Comprehensive Test Ban Treaty
The Comprehensive Test Ban Treaty (CTBTi) bans all nuclear weapon test explosions or any other nuclear explosion, establishes an extensive International Monitoring System, and allows for short-notice on-site inspections. It was opened for signature in 1996, but has not yet entered into force. Under the terms of the treaty, all forty-four countries with nuclear power plants must sign and ratify before it enters into force.
The precursor to the CTBTi was a Partial Test Ban Treaty (PTBT), developed in 1963. This Limited Test Ban Treaty banned all but underground nuclear explosions. As the name suggests, the CTBTi was developed to be more comprehensive than the partial test ban treaty, but has faced continued problems with key nations refusing to ratify, including the United States, China, Israel, India and Pakistan, all countries which have nuclear weapons.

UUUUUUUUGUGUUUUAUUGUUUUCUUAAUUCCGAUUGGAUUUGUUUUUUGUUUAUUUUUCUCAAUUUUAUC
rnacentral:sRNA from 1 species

The CTBTi has has been signed by 177 countries and ratified by 144. Of the 44 nuclear capable states whose ratification is essential for the entry into force of this treaty, 38 have ratified, but 3 haven't even signed it. more...
- The Pillars of Modern Nuclear Non-Proliferation and Arms Control' - an IPPNWii briefing paper.
- Reaching Critical Will background on the CTBT
- or view the Treaty text